SB: When I got out of Stanford in 1960 and was on my way to serve in the Army, these beautiful books with lots of photographs started coming out and the “exhibit” format book was invented. I was becoming a professional photographer at that time, and I had a sense that I was on the right track. Robert Frank’s book The Americans was revelatory. Later, I got to know Frank as a very good friend in Canada. I bought property near his in Nova Scotia just to get to know him, but by that time he was no longer doing any photography. But he did come and shoot a film of an event I organized called “Life After Earth”. The event was amazing, and Robert filmed it … a very touching film.
HUO: And that’s a dialogue that continues?
SB: No, I’d love to see what Robert is up to. But there’s a long distance between California and New York, and you see it played out in many things. The clearest case, which I didn’t understand at the time, was that Ken Kesey and the Merry Pranksters were doing one thing on the West Coast, while Lou Reed, Andy Warhol and the Factory were doing something almost identi cal on the East Coast, but there was no linkage between them. It wasn’t until I got to know Lou Reed nine years later that I realized Andy did a better job than Kesey did on making radically creative stuff happen. We had the Grateful Dead, and he had the Velvet Underground. Both pretty good. The major linkage in those days between the East and the West Coast was Allen Ginsberg.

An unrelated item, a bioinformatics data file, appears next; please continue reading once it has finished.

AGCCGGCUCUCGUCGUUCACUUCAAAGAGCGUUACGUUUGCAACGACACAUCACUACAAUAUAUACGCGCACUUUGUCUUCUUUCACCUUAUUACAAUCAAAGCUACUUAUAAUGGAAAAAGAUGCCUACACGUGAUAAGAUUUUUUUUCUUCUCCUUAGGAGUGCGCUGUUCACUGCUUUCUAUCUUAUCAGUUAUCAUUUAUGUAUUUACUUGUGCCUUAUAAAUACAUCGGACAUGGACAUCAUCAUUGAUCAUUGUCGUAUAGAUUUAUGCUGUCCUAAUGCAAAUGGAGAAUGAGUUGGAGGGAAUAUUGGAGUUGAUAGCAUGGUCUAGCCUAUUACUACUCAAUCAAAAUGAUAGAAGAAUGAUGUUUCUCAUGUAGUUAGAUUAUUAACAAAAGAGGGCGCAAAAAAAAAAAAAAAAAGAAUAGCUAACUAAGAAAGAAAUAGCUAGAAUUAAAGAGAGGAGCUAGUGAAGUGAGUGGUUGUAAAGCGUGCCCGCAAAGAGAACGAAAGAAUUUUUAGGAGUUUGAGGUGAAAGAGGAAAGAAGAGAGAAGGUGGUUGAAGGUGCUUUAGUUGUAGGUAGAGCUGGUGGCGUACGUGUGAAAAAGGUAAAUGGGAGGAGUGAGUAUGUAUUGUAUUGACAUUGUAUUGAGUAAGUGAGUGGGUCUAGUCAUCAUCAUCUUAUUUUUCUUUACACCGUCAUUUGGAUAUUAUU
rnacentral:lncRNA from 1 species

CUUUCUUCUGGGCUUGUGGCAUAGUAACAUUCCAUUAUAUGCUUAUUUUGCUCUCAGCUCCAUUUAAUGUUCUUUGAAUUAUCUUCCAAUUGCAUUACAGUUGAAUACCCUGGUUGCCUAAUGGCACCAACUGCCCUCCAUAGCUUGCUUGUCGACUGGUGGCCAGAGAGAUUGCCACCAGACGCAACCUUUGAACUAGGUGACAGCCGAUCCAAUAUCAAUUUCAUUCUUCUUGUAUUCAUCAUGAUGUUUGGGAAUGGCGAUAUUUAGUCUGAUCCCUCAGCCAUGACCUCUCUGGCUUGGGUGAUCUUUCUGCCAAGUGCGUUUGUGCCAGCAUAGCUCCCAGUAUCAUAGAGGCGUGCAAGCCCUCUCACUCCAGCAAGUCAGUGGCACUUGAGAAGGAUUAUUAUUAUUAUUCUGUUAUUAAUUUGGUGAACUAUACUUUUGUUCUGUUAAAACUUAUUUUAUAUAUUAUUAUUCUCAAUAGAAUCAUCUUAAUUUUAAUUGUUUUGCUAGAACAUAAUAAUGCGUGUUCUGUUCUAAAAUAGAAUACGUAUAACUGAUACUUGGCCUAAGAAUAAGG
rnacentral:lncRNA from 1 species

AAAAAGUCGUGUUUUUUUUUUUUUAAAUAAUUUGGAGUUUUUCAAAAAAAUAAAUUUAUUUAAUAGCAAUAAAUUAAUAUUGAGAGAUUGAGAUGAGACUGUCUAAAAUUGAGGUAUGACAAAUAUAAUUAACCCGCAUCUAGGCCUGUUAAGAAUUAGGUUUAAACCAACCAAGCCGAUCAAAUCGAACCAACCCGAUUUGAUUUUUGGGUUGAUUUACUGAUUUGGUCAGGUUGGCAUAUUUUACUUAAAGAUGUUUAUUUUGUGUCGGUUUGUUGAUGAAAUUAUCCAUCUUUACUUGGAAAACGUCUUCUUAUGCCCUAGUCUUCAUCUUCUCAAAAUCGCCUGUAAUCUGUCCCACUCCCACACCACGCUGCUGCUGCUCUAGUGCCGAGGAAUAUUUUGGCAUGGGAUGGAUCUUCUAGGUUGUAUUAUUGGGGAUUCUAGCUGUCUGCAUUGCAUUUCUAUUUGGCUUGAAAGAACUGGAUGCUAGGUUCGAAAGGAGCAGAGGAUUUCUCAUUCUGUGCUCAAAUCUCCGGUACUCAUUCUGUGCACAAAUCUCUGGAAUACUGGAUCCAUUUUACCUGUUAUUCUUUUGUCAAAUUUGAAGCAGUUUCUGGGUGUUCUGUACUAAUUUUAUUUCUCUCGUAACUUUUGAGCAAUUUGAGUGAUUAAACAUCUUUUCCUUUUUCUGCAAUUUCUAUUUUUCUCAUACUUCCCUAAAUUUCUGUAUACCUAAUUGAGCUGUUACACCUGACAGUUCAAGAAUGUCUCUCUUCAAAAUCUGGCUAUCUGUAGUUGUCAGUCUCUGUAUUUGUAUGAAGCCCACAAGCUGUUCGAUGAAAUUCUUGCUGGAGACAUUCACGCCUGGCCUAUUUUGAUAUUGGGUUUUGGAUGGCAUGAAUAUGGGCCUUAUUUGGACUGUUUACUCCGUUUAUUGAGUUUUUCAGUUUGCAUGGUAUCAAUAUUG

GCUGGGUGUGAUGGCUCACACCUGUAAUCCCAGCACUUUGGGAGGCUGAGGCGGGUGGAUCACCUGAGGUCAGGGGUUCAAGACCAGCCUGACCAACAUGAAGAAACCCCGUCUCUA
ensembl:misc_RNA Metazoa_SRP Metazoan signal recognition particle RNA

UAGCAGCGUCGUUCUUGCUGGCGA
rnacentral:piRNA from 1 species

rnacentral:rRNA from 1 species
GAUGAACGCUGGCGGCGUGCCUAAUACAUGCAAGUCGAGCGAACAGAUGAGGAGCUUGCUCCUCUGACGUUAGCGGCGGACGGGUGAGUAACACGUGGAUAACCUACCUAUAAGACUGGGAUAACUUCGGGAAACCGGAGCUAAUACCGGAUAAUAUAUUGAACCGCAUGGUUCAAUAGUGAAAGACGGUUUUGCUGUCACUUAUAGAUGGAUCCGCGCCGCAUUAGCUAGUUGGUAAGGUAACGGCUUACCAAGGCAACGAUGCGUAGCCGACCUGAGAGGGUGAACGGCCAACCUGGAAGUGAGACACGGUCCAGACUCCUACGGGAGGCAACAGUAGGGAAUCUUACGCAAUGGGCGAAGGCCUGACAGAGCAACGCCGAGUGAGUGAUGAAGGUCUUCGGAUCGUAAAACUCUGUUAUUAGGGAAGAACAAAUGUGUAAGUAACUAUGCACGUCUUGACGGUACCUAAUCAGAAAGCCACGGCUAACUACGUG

HUO: He traveled all the time.
SB: Allen traveled all the time. He connected the New York Beats with the California Beats: Michael McClure, Gary Snyder … Neal Cassady was with Kesey by then, so I got to know Allen through the Pranksters.
HUO: To come back to your work, in 1968 there was the epiphany of Whole Earth Catalog, which is a major invention of the twentieth century. I visit artists in the US all the time, from Vito Acconci to Bill Levi, and so often they have the catalogue in their studio. It’s so important for intellectuals. Do you remember when you had the idea?